Pack away the non-seasonal garb and thin it out. Cabinets under sink areas need to be cleaned out and the flooring checked for damage from water leaks or chemicals everyone keeps under sinks. Remove as much as possible.


If it is finished, the same rules apply. Unfinished basements are difficult to present and make warm. If you use the basement as a storage area, first of all, pack as much as you can in boxes, then stack everything in one area. Make the basement look as large as you can, don’t cover or block and important items the buyers may want to see: sump pit/pump, crawl space, roughed in plumbing. Keep these area accessible while containing your stored items in one area.


Most people are not aware of any repairs that need to be made unless they are obvious and observed on a daily basis. A good solution is to hire a home inspector to go through the house. This will provide you with a list of items that need to be addressed before showings begin. Often times, seller do not want to spend the money on a pre-inspection, this is typically buyers cost and option to have performed. Newer homes do not need to be pre-inspected, but older homes over 20 years benefit from the information. Remember the idea of handling an objection before it surfaces, same thought for pre-inspections.

Re-arrange furniture

Sometimes a room will look larger and will flow better is furniture is removed and/or re-arranged. Take a critical look at all the rooms; do you really need all that stuff? Consider making the family room cozy, the living room a place to share a conversation with a friend and the dining room is always a formal invitation for dinner. Furniture that is too big for the room should be removed. Remember, bigger is better when sizing up a house to buy and if the rooms appear too small, even if they are not, the buyer may not choose your house.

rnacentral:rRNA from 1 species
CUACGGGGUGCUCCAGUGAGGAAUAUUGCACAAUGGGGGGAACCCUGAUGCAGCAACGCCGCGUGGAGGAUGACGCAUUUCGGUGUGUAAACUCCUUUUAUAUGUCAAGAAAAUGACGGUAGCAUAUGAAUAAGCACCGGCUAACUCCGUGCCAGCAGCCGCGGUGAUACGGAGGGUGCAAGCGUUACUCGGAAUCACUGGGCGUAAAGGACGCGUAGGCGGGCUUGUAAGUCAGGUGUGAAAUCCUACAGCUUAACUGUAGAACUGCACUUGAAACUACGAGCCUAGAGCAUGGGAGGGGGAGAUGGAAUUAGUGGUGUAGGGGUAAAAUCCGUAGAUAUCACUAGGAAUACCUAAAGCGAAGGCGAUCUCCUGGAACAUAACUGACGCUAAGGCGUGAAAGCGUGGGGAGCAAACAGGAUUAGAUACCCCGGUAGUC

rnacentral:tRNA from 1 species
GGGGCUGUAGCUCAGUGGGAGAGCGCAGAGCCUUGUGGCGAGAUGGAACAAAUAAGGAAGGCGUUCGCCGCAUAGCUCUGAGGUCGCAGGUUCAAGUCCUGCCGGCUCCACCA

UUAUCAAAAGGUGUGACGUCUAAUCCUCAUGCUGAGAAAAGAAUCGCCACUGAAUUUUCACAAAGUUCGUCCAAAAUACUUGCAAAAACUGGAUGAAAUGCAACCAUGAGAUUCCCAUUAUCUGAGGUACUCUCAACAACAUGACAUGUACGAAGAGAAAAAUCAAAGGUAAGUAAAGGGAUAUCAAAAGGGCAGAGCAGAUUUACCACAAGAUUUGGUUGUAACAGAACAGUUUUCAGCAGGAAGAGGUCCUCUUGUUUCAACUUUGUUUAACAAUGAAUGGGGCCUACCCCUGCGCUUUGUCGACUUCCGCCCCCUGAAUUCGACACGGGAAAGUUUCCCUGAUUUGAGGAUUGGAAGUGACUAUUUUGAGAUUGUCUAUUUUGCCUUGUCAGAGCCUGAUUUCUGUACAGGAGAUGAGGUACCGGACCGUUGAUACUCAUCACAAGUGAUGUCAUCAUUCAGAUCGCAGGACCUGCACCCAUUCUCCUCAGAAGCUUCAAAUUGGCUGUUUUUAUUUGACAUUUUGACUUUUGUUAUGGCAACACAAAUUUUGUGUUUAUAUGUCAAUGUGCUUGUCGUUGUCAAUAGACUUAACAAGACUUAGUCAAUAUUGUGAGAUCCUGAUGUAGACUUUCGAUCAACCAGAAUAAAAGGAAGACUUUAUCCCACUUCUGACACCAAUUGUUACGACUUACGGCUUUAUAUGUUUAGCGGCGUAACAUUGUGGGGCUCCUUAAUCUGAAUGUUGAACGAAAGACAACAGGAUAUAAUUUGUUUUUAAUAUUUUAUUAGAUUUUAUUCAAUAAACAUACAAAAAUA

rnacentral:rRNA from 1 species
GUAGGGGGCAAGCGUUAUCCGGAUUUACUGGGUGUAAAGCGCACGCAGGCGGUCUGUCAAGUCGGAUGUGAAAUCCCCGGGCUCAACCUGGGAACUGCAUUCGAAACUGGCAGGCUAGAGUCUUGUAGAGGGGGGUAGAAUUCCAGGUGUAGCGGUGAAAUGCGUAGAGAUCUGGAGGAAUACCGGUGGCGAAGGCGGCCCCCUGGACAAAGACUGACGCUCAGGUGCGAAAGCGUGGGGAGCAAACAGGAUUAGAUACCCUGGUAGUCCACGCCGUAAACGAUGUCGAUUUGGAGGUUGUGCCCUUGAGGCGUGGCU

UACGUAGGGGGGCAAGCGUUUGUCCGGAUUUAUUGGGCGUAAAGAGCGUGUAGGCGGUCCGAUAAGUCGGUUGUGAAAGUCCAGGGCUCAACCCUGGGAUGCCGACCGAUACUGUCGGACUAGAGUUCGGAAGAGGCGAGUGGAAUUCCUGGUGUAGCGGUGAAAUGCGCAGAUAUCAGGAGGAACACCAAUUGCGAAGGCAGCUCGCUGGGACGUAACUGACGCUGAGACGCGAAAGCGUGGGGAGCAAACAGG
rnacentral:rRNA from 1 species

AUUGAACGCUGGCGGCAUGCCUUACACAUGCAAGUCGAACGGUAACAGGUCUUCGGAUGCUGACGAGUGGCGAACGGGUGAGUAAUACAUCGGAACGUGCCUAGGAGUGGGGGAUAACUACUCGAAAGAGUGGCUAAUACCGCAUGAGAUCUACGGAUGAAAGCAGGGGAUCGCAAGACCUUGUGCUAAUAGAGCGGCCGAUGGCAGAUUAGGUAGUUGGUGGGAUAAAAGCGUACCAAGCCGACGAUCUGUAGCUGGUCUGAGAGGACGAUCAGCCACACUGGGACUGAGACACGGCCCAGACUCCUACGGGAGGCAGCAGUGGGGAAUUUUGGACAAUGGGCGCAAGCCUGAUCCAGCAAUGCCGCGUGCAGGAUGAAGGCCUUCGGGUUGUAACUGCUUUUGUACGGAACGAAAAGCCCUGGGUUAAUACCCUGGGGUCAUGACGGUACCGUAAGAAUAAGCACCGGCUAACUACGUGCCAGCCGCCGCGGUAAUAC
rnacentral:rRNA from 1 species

This is the catch all area of the house. If you cannot organize the garage with shelving and allow ample floor space, you need to rent a storage facility and move some things out. The garage should be clean and organized. Buyer will not look here that long, just long enough to make sure the cars will fit, nonetheless, a clean and tidy garage is a reflection on how the seller maintains the house. If the garage is that nice, the house will be even better.


The exterior personifies the character of the seller. “Curb appeal” is an old real estate term attached to each home. If it looks good driving up, the inside should be even better. Take a look at the exterior paint, do you need to repaint or just touch up the peeling window sills? Is the landscaping trimmed for the season? Weeds are absolutely not allowed: get the weed killer out and spray weekly or pull them out. Any dead trees or shrubs need to be removed. Make your lawn the greenest in the neighborhood, check your fence for damaged pickets.

All these suggestions may sound strict and they are supposed to be. Remember, you are selling your most important asset, and you need to show pride. A buyer will pay more for a home that shows great and has been cared for.